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Marking World Malaria Day

Today, April 25, 2016, the the international community will be marking World Malaria Day. It is a day set aside for countries to showcase their successes in malaria control and unify diverse initiatives in the changing global context. The theme for this year is “End Malaria for Good”. This theme reflects the vision of a malaria-free world set out in the Global Technical strategy for malaria 2016-2030. This strategy adopted by the World Health Organisation (WHO) in 2015 aims to dramatically lower the global malaria burden. It is estimated that about 3.3 billion people in 106 countries are at risk of malaria, especially in Africa, Asia, Latin America and Middle East. It is worth restating that malaria is caused by parasites transmitted by mosquitoes. Even in relatively mild cases, it can cause high fever, chills, flu-like symptoms, and severe anemia.
According to the World Health Organisation, there were 214 million new cases of malaria worldwide in 2015, even as 438 000 deaths were caused by the disease. The happy news is that in the past 15 years, there has been a dramatic decline in the global burden of malaria, given that nearly 60 countries have reduced their malaria cases by 75 percent, while the rate of new cases has decreased by 37percent globally. Even at that, malaria remains one of the most serious health problems facing the world and particularly Nigeria. Nigeria is estimated to account for about a quarter of the global cases, 30percent of deaths and 29 percent (37million cases) of 128 million cases in Sub-Saharan Africa.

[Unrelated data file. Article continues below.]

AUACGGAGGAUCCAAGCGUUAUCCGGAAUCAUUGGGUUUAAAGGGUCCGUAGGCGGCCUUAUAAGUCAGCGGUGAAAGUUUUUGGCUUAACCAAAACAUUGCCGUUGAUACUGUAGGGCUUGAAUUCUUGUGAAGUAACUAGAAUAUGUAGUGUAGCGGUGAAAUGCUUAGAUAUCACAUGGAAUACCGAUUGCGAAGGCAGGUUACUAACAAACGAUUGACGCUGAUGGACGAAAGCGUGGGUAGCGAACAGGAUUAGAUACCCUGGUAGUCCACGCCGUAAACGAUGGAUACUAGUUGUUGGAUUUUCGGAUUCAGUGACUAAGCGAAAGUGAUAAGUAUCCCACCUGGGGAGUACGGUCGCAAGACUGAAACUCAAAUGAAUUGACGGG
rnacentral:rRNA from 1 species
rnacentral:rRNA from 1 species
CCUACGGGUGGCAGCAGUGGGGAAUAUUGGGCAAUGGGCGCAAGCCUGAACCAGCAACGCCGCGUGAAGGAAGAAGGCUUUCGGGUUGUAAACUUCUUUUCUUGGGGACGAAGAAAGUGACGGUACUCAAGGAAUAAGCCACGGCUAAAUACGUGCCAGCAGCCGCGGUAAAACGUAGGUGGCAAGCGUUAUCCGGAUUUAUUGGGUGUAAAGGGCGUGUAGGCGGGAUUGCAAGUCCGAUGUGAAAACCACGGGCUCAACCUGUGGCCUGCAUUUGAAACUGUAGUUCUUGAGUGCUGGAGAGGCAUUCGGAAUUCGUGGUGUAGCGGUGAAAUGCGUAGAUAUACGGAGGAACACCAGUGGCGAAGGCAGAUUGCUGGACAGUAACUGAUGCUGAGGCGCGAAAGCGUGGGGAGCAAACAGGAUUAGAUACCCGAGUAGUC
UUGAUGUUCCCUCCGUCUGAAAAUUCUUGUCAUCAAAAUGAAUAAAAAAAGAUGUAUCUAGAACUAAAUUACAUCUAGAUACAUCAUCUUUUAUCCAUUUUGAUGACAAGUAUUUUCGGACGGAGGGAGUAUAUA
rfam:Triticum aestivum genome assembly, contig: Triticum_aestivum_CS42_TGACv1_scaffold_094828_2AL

Despite the successes made so far in the fight against malaria, the disease still has a devastating impact on people’s health and lives. In Nigeria, an estimated 300,000 children die of malaria each year.
This accounts for over 25 per cent of infant mortality (children under one year), 30 per cent of childhood mortality (children under five), and 11 per cent of maternal mortality. About 50 per cent of the population has at least one episode of malaria annually, while children aged less than 5 years have between two to four attacks annually. Malaria is particularly severe among pregnant women and children under five years of age, due to their relatively lower levels of immunity. Of note is that Nigeria was one of the first countries to pilot the Affordable Medicines Facility for malaria (AMFm), with the aim of increasing affordability of ACTs. Other malaria elimination activities include mass distribution campaigns of long lasting insecticidal nets (LLINs) and use of intermittent prevention therapy (IPT) drugs for mothers-to-be through antenatal care clinics.
These interventions were implemented by various government and NGOs like Society for Family Health (SFH) through social marketing techniques and promotion of products and programmes with a view to tackling malaria. In the end, it is the duty of both the government and citizens to prevent malaria. It is therefore pertinent that individuals’ use of mosquito bed nets treated with long lasting insecticide and indoor spraying to control the numbers of infected mosquitoes. Persons in area with large population of mosquito should wear long-sleeve clothing, long trousers or skirts and limit the amount of exposed skin. Lastly, we believe that with sufficient global commitment, major investments in research and development, the ambitious goal of malaria eradication can be met. Without an immediate, coordinated worldwide effort to eradicate malaria, this window of opportunity could close indefinitely and the progress already achieved will remain at risk.

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